Nasa shares stunning image from James Webb telescope

Nasa is offering a sneak preview of the stunning Webb telescope imagery to be released on 12 July

Jon Kelvey
Friday 08 July 2022 15:47 BST
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A preview image of what the James Webb Space Telescope will deliver, taking with a guidance camera rather than the observatories primary instruments
A preview image of what the James Webb Space Telescope will deliver, taking with a guidance camera rather than the observatories primary instruments (Nasa)

While the world waits for Nasa to release the first fully processed images from the now operational James Webb Space Telescope on 12 July, the space agency has released a teaser image to whet everyones’ appetite.

In a Wednesday blog post, Nasa released an image taken with Webb’s Fine Guidance System, an instrument that typically helps point the telescope at celestial objects to image with Webb’s more powerful, dedicated infrared instruments.

But for a system that isn’t designed to produce stunning imagery the Fine Guidance System over-performed: The resulting monochromatic image shows bright spiky stars and thousands of distant galaxies in a palate of orange and burnt umber.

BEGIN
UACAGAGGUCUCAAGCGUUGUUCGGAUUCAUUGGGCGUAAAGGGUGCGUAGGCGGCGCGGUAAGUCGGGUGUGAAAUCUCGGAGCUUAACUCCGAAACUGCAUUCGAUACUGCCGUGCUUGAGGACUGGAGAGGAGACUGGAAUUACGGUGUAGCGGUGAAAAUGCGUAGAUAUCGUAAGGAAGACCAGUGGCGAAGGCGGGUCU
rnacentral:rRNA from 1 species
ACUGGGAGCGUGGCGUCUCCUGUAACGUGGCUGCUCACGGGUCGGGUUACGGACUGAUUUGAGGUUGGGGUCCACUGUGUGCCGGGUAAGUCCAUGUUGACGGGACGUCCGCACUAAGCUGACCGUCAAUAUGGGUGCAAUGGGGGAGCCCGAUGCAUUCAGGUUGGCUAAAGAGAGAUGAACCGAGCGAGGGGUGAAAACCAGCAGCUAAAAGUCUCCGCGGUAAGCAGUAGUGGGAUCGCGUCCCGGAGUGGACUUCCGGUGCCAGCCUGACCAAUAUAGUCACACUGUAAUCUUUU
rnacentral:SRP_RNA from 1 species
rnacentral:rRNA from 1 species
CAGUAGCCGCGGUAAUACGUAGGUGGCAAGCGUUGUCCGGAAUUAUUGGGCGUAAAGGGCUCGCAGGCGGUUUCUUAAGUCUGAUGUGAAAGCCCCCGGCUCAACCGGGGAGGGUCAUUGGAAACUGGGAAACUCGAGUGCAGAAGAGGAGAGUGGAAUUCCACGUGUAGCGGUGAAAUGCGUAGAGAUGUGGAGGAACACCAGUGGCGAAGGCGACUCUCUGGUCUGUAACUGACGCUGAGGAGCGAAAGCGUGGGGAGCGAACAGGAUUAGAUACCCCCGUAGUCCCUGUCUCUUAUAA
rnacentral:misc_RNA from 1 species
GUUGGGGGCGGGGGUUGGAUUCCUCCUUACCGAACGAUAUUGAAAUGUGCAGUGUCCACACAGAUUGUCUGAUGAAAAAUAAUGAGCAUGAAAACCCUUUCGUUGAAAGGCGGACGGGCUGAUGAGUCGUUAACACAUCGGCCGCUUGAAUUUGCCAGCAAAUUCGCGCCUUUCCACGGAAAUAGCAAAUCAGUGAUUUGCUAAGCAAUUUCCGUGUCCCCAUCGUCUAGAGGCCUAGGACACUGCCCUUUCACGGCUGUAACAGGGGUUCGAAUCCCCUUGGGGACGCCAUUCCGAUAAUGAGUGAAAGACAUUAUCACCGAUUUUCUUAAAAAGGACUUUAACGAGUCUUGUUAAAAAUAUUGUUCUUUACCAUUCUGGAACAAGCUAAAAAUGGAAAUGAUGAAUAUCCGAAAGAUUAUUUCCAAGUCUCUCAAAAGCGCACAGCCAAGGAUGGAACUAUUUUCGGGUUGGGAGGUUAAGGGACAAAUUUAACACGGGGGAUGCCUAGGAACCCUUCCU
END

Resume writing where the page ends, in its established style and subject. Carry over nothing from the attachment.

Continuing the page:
The image is the result of 72 exposures over 32 hours, and is one of the deepest images of the Cosmos ever taken. Although Webb will soon go deeper, peering further into the reaches of the universe than ever before.

“The faintest blobs in this image are exactly the types of faint galaxies that Webb will study in its first year of science operations,” Jane Rigby, Webb operations scientist at Nasa’s Goddard Space Flight Center, said in a statement.

Just such a full resolution, color image of the deepest galaxies in the Cosmos is among the images to be released on 12 July, according to statements by Nasa administrator Bill Nelson.

More than 20 years and $10 billion in the making, the Webb telescope launched from the European spaceport in French Guiana on Christmas Day, and spent more than a month traveling to its operational orbit 1 million miles from Earth. Ground operators and scientists have spent the last six months configuring, aligning, focusing, testing and commission Webb’s mirrors and instruments in preparation for a science mission expected to last 20 years or more.

The images scheduled for release on 12 July are part of the Webb early observations program, a form of final testing and public outreach to demonstrate to the world what the telescope is capable of. Nasa recently acknowledged some of the targets of those early observations, including the Carina nebula, a bright nebular 7,600 light-years in the southern constellation Carina, and the ring nebula, a cloud of expanding gas around a dying star 2,000 light years from Earth.

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